The snorting and bellowing sounds, so reminiscent of cows and bulls, approaching down the passage made sense to Seline and her companions. Locating the companions in the twisting, mazelike passages of the cave network leading to Kalrek’s lair would have been difficult even for a gnome or a dwarf, but it was not surprising that the minotaurs would have such an easy time finding them. The bull-like creatures, as stupid and violent as they otherwise were, could find their way almost flawlessly through a labyrinth, unerringly able to track their prey.

    Almost immediately, Seline’s voice rose in a chant, as her friends gave cries of alarm and fell back, distracting the minotaurs from what she was doing.

    Seven seconds…

    Weimar let off a flurry of arrows, stinging the minotaurs and even felling one, but the rest of the vicious creatures only seemed angered by the attacks.

    Fourteen seconds…

    Her friends had fallen back, and now Seline was at the head of the group.

    Eighteen seconds...

    The blast of lighting streaked from her fingers, tearing through the minotaurs and causing the entire passage to glow brightly. The angry creatures bellowed in pain, several of them falling dead, the bodies of the others streaked with scorch marks all across their bodies and smoke rising from their burnt hair. They came on, determined to tear Seline apart, but now Ma’non’go and Airk sprang forward to confront them.

    Airk easily drove his morning star into the head of the first charging minotaur, crushing its skull right between the wretched creature’s horns. The other one swung its massive flail at Ma’non’go, who caught the flail’s chain in the tines of his trident, pulling the creature off balance. As the minotaur sought to free its weapon, Ma’non’go quickly thrust his trident upwards, throwing the flail over his shoulders. As the angry creature charged at him, all too ready to use its horns to tear at him, Ma’non’go brought his trident down more quickly than he expected, allowing the stupid thing to skewer itself on his weapon.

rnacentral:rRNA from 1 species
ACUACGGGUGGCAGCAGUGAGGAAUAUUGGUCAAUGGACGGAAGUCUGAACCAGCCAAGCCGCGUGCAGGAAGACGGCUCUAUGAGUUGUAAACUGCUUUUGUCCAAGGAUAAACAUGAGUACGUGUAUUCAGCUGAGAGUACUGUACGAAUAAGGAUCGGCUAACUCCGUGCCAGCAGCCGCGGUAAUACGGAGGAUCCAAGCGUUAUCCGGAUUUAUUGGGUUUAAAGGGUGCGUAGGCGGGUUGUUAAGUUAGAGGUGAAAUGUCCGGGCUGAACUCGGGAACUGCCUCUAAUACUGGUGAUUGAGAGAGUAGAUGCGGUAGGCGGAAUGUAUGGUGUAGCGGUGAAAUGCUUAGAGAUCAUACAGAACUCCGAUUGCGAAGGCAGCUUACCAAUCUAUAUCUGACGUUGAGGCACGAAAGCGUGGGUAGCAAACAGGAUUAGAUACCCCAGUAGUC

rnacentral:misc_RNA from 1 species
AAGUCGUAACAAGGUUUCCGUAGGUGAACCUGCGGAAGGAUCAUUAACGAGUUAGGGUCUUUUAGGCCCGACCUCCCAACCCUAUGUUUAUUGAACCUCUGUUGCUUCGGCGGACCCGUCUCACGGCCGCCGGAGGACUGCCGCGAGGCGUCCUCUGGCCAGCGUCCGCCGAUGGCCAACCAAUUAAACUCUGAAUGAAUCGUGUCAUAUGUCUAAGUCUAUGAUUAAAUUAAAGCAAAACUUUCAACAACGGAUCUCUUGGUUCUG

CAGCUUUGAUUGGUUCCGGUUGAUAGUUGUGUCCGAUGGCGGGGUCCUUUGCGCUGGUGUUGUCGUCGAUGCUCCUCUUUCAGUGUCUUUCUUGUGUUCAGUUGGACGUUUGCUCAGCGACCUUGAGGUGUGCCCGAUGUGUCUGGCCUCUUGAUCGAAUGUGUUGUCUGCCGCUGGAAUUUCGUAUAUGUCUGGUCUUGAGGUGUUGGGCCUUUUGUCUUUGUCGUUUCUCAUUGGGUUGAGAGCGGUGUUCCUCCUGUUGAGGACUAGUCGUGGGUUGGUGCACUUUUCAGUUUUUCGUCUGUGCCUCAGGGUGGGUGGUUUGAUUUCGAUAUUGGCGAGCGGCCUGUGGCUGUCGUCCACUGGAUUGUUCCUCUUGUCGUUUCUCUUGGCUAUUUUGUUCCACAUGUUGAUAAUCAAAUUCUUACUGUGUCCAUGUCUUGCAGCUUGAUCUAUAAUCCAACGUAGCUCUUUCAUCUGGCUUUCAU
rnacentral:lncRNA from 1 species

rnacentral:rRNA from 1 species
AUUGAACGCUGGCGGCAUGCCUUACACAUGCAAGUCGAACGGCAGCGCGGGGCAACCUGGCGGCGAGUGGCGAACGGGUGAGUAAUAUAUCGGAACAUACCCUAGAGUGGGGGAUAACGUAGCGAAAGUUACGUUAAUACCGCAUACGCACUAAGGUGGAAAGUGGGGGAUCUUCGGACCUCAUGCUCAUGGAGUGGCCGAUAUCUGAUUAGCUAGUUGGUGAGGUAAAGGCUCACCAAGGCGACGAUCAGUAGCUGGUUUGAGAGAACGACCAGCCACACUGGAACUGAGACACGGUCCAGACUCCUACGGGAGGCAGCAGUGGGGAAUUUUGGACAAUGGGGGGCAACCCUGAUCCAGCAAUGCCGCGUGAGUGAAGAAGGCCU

Blood poured from the minotaur’s mouth as it collapsed, the stupid look on its face only dawning in recognition when the light finally began to leave its eyes.

    Seline only shook her head as she considered the minotaurs. She’d noticed how long and straight this particular passage was, and how ideal it would be for her to cast her lightning bolt down the passage to destroy a line of enemies. It hadn’t taken long for her companions to understand what their roles would be, once she’d explained it to them, and Amyalla had congratulated her on her cleverness.

    Seline could only shake her head again, realizing that Kalrek was likely the more clever one here. In all likelihood, his minions wouldn’t have fought well beside one another, so by sending them out into the caverns the way he had, each of the groups of monsters could fight according to their own strengths…and force the companions to waste their own strength fighting the horrible things before they ever reached Kalrek’s domain, where his own strongest and most loyal minions were likely awaiting them. The companions had been fortunate in only encountering the bandits and their shadow mastiff pack, and then the group of minotaurs, and knew that many other killers were still lurking in the passages around them.

    Already, she’d used more of her magic than she would have preferred. Even then, though, her magic wouldn’t likely be as effective against the dwarves and gnomes she expected would be among Kalrek’s personal guard.

    Seline typically enjoyed intellectual puzzles, and the test of how to creatively employ her magic in resolving them, but she was not optimistic about their chances.